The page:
4. Resist the urge to comment on the athletes’ bodies or physical appearance - ‘In general when watching sport women’s bodies are commented on more than their male counterparts, and girls are also more predisposed to eating disorders,’ points out Becky. ‘So instead of commenting on the athletes' body shapes, try to focus instead on talking about their technique or the beauty of their movements. This will help to discourage any comments which may be taken in the wrong way or promote unhealthy body ideals.’
  5. Point out how happy the Olympians are - ‘Athletes need to have a balance in their lives,’ says Becky. ‘When I was competing I fell into the trap of being an athlete 24/7, but this isn’t healthy because it inevitably leads to burnout. So pointing out to your children how happy the Olympians look will help to reinforce the fact that if they’re happy, they’re more likely to be doing well.’
  6. Discuss what the word ‘compete’ means - Becky says that this is something that she’s looked into for her work with Graceful Girls.  ‘One school of thought from the Latin origin translates as seeking to be the best and beating your rivals,’ she explains. ‘However, another school of thought suggests that the root of the word compete means to ‘seek with’.  I think focussing on this meaning of the word changes the mindset into realising that to take part in a competitive event such as the Olympics doesn’t mean the athletes are fighting against each other to achieve something, but actually that they’re seeking to be the best they can be together. In so doing it moves you from a place of fear to one of courage when competing.’
  7. It’s ok not to support the same team - ‘If family members are not supporting the same person or team in the Olympics, that’s a great lesson in healthy competition on the spectator side of sport,’ explains Sarah Perrett, Insight Happiness Coach of The Happiness Gap. ‘Showing that it’s okay to be in separate camps and honouring each person’s right to choose who to support, even if that choice is different to yours, is an emotionally intelligent outlook. Children learning how to handle rivalry in a fun, rather than aggressive way, provides a healthy dose of competition and an exercise in how to navigate and cope with having a different opinion to those that you are closest to and respect (especially parents).’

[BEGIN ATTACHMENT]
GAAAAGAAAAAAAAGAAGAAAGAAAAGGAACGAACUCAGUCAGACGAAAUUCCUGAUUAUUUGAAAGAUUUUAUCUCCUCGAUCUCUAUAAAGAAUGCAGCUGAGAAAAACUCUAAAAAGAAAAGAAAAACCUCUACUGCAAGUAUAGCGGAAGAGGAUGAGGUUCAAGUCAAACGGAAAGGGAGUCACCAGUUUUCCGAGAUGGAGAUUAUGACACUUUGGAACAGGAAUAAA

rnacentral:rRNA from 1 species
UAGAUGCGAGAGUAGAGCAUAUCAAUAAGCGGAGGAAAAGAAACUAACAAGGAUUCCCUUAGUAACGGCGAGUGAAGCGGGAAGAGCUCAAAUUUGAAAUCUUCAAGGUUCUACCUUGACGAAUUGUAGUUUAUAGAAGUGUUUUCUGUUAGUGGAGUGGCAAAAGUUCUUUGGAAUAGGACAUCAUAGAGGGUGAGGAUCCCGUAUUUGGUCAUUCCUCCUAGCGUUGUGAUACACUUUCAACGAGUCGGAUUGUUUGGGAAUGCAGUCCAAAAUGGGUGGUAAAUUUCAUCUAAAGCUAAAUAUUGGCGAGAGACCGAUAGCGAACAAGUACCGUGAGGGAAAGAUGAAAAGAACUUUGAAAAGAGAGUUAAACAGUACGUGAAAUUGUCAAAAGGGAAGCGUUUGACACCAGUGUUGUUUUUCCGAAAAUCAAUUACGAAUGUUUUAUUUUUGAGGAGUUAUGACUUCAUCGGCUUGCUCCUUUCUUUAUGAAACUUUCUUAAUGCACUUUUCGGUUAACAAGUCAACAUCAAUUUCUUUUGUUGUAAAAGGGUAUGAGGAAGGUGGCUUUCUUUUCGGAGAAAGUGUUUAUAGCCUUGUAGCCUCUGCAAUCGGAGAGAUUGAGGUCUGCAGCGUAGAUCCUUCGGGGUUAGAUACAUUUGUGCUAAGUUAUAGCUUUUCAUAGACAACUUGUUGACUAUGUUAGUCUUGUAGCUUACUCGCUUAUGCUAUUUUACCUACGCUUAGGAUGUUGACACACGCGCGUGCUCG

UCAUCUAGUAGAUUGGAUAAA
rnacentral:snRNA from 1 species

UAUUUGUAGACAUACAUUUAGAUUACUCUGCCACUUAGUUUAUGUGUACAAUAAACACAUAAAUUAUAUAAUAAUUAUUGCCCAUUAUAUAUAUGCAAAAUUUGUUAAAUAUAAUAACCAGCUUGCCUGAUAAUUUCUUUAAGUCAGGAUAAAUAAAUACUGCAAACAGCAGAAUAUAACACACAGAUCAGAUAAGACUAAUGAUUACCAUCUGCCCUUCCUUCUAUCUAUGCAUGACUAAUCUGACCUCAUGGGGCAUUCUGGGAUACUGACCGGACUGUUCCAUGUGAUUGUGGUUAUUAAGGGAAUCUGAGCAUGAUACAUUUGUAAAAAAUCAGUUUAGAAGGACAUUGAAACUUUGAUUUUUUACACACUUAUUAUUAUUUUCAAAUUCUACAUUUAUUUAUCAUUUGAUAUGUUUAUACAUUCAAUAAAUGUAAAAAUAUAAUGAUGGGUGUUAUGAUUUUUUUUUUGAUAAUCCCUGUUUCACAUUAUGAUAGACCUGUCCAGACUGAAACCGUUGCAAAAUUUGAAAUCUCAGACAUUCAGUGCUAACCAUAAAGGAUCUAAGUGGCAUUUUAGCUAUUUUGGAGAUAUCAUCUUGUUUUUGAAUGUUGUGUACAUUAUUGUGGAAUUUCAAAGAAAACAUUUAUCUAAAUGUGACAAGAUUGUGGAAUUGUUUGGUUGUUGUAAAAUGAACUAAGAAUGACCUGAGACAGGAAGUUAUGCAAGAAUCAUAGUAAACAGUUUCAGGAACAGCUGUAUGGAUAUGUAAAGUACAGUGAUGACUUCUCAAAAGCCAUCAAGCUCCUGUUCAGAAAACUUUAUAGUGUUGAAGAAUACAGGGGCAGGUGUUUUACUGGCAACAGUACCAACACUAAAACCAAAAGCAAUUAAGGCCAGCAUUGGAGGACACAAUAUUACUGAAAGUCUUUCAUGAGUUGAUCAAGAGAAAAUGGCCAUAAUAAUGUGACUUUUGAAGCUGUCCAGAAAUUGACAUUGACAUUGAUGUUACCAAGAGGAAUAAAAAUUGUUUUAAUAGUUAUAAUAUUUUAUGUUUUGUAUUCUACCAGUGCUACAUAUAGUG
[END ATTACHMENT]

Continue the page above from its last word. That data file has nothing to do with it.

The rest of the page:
8. You can ‘hack’ yourself happier with sport – science says so - ‘The benefits of physical activity are well-known for the effects on your physical body, but there’s also a big effect on your emotions and feelings of positivity,’ explains Sarah. ‘Teaching children that engaging in sport is also a way to ‘hack’ some happiness chemicals is powerful knowledge that they can use to support their ongoing emotional, as well as physical, wellbeing. Several chemicals in the brain influence our happiness and could be linked to sports: Dopamine, known as the reward chemical, is produced when we feel anticipation and are striving for something such as winning a sport or even a medal. It increases our feelings of happiness. Oxytocin is the love and connection chemical. This is produced when we feel close and bonded to others, such as being part of a sports team competing together against others. Endorphins are natural pain relievers. They help you to ‘power through’, masking pain and/or discomfort, such as is felt when engaging in challenging sports. This is often why you feel a natural ‘high’ after a session at the gym.’